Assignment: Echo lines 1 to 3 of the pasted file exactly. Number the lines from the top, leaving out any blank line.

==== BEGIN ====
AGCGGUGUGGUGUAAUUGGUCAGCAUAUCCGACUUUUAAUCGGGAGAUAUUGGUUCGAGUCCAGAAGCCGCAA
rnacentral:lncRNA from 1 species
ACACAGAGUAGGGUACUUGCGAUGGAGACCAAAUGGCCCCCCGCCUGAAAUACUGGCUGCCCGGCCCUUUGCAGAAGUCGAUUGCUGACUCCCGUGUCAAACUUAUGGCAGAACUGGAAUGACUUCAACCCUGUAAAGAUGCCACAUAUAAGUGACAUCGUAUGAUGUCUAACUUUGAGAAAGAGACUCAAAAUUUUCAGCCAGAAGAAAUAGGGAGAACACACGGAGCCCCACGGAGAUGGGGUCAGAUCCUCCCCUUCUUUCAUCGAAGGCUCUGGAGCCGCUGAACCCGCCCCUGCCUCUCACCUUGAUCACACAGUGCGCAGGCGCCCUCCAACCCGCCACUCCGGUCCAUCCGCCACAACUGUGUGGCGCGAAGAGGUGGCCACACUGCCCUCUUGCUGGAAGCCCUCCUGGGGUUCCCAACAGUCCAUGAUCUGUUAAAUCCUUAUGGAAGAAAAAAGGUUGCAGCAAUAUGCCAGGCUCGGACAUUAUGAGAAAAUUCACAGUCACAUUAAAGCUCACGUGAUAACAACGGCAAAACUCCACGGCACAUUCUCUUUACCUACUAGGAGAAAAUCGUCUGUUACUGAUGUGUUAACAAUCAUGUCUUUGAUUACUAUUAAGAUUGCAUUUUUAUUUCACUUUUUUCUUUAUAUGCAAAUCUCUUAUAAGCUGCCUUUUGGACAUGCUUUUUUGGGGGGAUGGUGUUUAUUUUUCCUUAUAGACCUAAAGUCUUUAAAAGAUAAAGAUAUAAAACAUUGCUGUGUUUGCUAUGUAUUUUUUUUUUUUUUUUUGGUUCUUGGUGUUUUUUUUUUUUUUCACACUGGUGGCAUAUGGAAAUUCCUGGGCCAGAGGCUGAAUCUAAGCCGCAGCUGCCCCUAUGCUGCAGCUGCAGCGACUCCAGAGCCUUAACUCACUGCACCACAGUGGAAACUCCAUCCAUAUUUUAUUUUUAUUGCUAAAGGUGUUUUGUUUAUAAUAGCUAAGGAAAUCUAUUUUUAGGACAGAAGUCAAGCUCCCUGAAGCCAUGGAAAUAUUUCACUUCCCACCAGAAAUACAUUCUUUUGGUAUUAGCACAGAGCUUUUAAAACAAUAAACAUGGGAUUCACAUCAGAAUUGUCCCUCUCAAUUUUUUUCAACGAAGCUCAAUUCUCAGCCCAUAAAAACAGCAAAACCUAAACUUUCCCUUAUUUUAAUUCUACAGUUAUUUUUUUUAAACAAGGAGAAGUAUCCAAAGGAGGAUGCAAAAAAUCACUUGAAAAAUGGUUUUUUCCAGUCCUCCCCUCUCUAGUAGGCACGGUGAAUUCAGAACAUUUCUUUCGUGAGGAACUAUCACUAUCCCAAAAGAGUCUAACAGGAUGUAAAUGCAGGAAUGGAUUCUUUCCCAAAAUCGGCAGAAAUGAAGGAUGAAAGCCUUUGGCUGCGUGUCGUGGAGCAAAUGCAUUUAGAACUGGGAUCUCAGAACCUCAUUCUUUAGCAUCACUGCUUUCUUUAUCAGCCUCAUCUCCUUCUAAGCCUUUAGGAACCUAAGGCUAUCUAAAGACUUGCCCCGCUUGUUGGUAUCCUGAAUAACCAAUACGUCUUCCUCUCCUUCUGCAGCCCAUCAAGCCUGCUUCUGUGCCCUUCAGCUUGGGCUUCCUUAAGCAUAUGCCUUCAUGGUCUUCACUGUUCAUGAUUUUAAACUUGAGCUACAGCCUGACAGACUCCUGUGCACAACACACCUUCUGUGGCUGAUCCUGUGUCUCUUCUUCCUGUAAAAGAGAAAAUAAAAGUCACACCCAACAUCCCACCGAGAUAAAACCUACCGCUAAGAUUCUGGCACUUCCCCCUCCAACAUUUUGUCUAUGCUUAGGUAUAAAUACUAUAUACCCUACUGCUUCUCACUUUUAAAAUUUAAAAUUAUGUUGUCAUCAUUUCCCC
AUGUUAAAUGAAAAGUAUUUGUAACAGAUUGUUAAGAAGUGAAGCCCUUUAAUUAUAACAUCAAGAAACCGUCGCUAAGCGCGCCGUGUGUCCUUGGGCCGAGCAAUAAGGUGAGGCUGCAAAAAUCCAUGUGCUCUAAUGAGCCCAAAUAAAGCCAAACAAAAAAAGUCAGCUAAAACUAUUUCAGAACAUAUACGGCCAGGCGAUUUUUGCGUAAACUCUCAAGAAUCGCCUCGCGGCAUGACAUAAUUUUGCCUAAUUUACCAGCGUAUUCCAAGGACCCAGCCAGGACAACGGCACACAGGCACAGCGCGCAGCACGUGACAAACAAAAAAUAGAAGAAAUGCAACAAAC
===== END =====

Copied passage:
AGCGGUGUGGUGUAAUUGGUCAGCAUAUCCGACUUUUAAUCGGGAGAUAUUGGUUCGAGUCCAGAAGCCGCAA
rnacentral:lncRNA from 1 species
ACACAGAGUAGGGUACUUGCGAUGGAGACCAAAUGGCCCCCCGCCUGAAAUACUGGCUGCCCGGCCCUUUGCAGAAGUCGAUUGCUGACUCCCGUGUCAAACUUAUGGCAGAACUGGAAUGACUUCAACCCUGUAAAGAUGCCACAUAUAAGUGACAUCGUAUGAUGUCUAACUUUGAGAAAGAGACUCAAAAUUUUCAGCCAGAAGAAAUAGGGAGAACACACGGAGCCCCACGGAGAUGGGGUCAGAUCCUCCCCUUCUUUCAUCGAAGGCUCUGGAGCCGCUGAACCCGCCCCUGCCUCUCACCUUGAUCACACAGUGCGCAGGCGCCCUCCAACCCGCCACUCCGGUCCAUCCGCCACAACUGUGUGGCGCGAAGAGGUGGCCACACUGCCCUCUUGCUGGAAGCCCUCCUGGGGUUCCCAACAGUCCAUGAUCUGUUAAAUCCUUAUGGAAGAAAAAAGGUUGCAGCAAUAUGCCAGGCUCGGACAUUAUGAGAAAAUUCACAGUCACAUUAAAGCUCACGUGAUAACAACGGCAAAACUCCACGGCACAUUCUCUUUACCUACUAGGAGAAAAUCGUCUGUUACUGAUGUGUUAACAAUCAUGUCUUUGAUUACUAUUAAGAUUGCAUUUUUAUUUCACUUUUUUCUUUAUAUGCAAAUCUCUUAUAAGCUGCCUUUUGGACAUGCUUUUUUGGGGGGAUGGUGUUUAUUUUUCCUUAUAGACCUAAAGUCUUUAAAAGAUAAAGAUAUAAAACAUUGCUGUGUUUGCUAUGUAUUUUUUUUUUUUUUUUUGGUUCUUGGUGUUUUUUUUUUUUUUCACACUGGUGGCAUAUGGAAAUUCCUGGGCCAGAGGCUGAAUCUAAGCCGCAGCUGCCCCUAUGCUGCAGCUGCAGCGACUCCAGAGCCUUAACUCACUGCACCACAGUGGAAACUCCAUCCAUAUUUUAUUUUUAUUGCUAAAGGUGUUUUGUUUAUAAUAGCUAAGGAAAUCUAUUUUUAGGACAGAAGUCAAGCUCCCUGAAGCCAUGGAAAUAUUUCACUUCCCACCAGAAAUACAUUCUUUUGGUAUUAGCACAGAGCUUUUAAAACAAUAAACAUGGGAUUCACAUCAGAAUUGUCCCUCUCAAUUUUUUUCAACGAAGCUCAAUUCUCAGCCCAUAAAAACAGCAAAACCUAAACUUUCCCUUAUUUUAAUUCUACAGUUAUUUUUUUUAAACAAGGAGAAGUAUCCAAAGGAGGAUGCAAAAAAUCACUUGAAAAAUGGUUUUUUCCAGUCCUCCCCUCUCUAGUAGGCACGGUGAAUUCAGAACAUUUCUUUCGUGAGGAACUAUCACUAUCCCAAAAGAGUCUAACAGGAUGUAAAUGCAGGAAUGGAUUCUUUCCCAAAAUCGGCAGAAAUGAAGGAUGAAAGCCUUUGGCUGCGUGUCGUGGAGCAAAUGCAUUUAGAACUGGGAUCUCAGAACCUCAUUCUUUAGCAUCACUGCUUUCUUUAUCAGCCUCAUCUCCUUCUAAGCCUUUAGGAACCUAAGGCUAUCUAAAGACUUGCCCCGCUUGUUGGUAUCCUGAAUAACCAAUACGUCUUCCUCUCCUUCUGCAGCCCAUCAAGCCUGCUUCUGUGCCCUUCAGCUUGGGCUUCCUUAAGCAUAUGCCUUCAUGGUCUUCACUGUUCAUGAUUUUAAACUUGAGCUACAGCCUGACAGACUCCUGUGCACAACACACCUUCUGUGGCUGAUCCUGUGUCUCUUCUUCCUGUAAAAGAGAAAAUAAAAGUCACACCCAACAUCCCACCGAGAUAAAACCUACCGCUAAGAUUCUGGCACUUCCCCCUCCAACAUUUUGUCUAUGCUUAGGUAUAAAUACUAUAUACCCUACUGCUUCUCACUUUUAAAAUUUAAAAUUAUGUUGUCAUCAUUUCCCC